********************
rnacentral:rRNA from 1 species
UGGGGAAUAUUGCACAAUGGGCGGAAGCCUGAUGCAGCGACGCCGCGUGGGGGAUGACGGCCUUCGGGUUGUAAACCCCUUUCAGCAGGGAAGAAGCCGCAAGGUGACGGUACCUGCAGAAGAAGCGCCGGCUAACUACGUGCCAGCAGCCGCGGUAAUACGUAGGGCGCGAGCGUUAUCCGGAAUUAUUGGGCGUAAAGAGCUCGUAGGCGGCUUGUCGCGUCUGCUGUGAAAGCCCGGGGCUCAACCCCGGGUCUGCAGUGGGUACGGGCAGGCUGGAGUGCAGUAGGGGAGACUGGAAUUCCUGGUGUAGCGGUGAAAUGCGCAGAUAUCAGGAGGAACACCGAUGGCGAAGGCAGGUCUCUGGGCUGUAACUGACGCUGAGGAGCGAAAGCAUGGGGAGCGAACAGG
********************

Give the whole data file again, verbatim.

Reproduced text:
rnacentral:rRNA from 1 species
UGGGGAAUAUUGCACAAUGGGCGGAAGCCUGAUGCAGCGACGCCGCGUGGGGGAUGACGGCCUUCGGGUUGUAAACCCCUUUCAGCAGGGAAGAAGCCGCAAGGUGACGGUACCUGCAGAAGAAGCGCCGGCUAACUACGUGCCAGCAGCCGCGGUAAUACGUAGGGCGCGAGCGUUAUCCGGAAUUAUUGGGCGUAAAGAGCUCGUAGGCGGCUUGUCGCGUCUGCUGUGAAAGCCCGGGGCUCAACCCCGGGUCUGCAGUGGGUACGGGCAGGCUGGAGUGCAGUAGGGGAGACUGGAAUUCCUGGUGUAGCGGUGAAAUGCGCAGAUAUCAGGAGGAACACCGAUGGCGAAGGCAGGUCUCUGGGCUGUAACUGACGCUGAGGAGCGAAAGCAUGGGGAGCGAACAGG